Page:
Oilseed rape plantings also remain strong in England and Wales, with an estimated 0.703M ha planted by Dec. 1. This represents a 3% increase over the total (winter and spring) oilseed rape area harvested in 2013. 

“The rebound in winter planting represents a return to more ‘normal’ cropping after the extremes of the last two seasons, which has been expected by the market,”​ AHDB senior analyst Helen Plant said. “The higher wheat area increases the likelihood of the UK being able to return to being a net exporter of wheat in 2014/15. However, weather conditions during the rest of the growing season will be important in determining the quality and yields, and thus the UK’s export potential next marketing season.”

This survey is based on 2,771 responses from a representative sample of farm businesses.  

Agspring acquires Gen Mills’ Idaho grain biz

Kansas City, MO agribusiness firm Agspring has signed a definitive purchase agreement to acquire General Mills’ grain operations in Idaho. The terms of the deal, which is expected to be completed by the end of May 2014, were not disclosed.

Agspring will focus on improving efficiency and expanding operations including increasing elevator storage and handling capacity in Idaho. Operations will continue to be managed locally, while Agspring will provide corporate support, national supply chain planning and financial backing.

We believe that the addition of this team will play a critical part in our expanding supply chain network,”​ said Brad Clark, president of Agspring. “General Mills has done a tremendous job in building a unique value-added system in partnership with seed suppliers, producers and customers, all with an increased focus on sustainability. We look forward to continuing that success and position the company to better serve our partners to feed a changing world.”​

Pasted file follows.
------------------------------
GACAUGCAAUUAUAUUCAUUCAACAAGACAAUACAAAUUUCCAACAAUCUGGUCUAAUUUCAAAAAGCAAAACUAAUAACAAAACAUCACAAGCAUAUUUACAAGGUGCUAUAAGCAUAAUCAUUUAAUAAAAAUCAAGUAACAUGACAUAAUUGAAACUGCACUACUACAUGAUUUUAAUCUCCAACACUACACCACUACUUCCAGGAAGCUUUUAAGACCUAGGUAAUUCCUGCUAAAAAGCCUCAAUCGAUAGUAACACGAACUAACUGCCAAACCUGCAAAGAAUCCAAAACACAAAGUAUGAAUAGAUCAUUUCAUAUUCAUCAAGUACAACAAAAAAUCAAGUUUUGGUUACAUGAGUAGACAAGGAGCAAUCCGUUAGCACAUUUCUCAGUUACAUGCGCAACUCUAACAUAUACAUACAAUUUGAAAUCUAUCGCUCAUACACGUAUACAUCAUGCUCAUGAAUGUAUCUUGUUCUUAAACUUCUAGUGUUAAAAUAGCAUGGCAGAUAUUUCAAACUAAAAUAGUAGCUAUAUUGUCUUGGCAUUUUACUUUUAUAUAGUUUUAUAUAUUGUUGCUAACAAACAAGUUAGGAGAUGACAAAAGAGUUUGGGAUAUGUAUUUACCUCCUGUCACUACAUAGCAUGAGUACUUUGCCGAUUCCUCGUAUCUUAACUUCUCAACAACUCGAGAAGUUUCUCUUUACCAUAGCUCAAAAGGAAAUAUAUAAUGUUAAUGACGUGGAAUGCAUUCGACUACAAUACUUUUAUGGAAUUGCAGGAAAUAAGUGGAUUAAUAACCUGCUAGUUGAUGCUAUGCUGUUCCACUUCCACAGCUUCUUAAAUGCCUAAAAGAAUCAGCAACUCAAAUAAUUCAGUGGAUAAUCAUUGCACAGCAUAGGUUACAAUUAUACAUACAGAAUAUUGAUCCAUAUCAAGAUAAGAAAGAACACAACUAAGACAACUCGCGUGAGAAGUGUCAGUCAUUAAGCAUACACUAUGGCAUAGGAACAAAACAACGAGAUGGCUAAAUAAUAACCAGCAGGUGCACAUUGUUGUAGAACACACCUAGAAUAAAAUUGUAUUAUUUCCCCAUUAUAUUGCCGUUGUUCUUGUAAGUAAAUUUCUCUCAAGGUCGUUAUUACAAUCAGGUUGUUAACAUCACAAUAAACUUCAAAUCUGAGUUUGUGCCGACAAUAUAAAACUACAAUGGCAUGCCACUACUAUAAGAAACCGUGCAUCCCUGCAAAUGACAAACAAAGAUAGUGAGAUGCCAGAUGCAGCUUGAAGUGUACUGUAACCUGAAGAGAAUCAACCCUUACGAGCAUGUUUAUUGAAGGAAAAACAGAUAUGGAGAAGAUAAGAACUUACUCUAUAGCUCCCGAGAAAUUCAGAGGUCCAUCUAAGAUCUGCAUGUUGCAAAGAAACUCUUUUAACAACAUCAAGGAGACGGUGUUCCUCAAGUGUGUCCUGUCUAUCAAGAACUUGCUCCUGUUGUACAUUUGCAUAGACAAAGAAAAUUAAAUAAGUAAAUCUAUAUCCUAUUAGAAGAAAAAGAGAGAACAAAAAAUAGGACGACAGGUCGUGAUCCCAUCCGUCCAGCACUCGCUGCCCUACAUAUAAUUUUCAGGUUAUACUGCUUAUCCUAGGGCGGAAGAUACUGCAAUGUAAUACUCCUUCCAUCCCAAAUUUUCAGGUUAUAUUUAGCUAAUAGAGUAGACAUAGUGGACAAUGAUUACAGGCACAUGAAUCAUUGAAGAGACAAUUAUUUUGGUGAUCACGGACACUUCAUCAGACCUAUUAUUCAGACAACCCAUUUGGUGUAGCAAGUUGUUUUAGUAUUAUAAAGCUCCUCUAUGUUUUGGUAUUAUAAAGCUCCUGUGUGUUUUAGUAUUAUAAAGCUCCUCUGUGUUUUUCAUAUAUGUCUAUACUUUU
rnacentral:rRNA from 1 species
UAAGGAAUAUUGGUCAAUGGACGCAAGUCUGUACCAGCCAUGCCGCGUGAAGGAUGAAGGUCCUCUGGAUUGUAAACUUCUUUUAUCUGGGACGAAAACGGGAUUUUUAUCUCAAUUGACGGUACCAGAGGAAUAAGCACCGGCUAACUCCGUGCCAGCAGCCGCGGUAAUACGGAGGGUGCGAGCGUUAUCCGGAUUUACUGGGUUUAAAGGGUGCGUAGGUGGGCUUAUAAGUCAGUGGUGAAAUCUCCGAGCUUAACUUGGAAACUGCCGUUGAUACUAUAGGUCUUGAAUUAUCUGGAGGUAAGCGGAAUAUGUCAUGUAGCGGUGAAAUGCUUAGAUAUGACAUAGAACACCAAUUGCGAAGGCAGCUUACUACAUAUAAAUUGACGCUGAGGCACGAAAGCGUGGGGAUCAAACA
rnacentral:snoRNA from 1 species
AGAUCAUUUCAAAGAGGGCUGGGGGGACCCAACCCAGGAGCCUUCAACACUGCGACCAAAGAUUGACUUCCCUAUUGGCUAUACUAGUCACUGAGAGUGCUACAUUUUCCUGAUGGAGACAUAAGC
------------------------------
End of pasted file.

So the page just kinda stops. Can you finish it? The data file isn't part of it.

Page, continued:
IGC forecasts slight rebound in global wheat flour trade

The International Grains Council is forecasting a slight rebound of 1% for world trade in wheat flour in the 2013-14 crop season, lagging the projected rise of 4%.

Total global flour exports in the current crop year were 12.6 million tons of wheat equivalent, compared with 12.48 million tons in the previous season. At the same time, the current pace lagged well behind the record of 14.5 million tons in 2011-12 and was slightly behind 12.6 million tons in 2010-11.

Primarily accounting for the recovery of flour export trade was a surge in shipments from Kazakhstan, to a total of 3 million tons, compared with 2.36 million in 2012-13. That restored Kazakhstan to its leading position as a global flour exporter, even though its outgo in the current crop year fell behind the 3.7 million it shipped in 2011-12.  Improved availability of milling wheat was credited with spurring Kazakhstan’s flour exports in the current season, even though Indonesia, a major flour importer, continued its import tariff means to check takings.

Both Uzbekistan and Afghanistan increased flour imports in response to expanded offerings from Kazakhstan. Uzbekistan retained its role as the world’s largest flour importer, expected to take 1.4 million tons, compared with 1.36 million tons in 2012-13 and 1.9 million tons in 2011-12. Afghanistan’s flour imports were forecast to reach 1.3 million tons in wheat equivalent, compared with 1.17 million tons in 2012-13. 

Related topics: Milling & Grains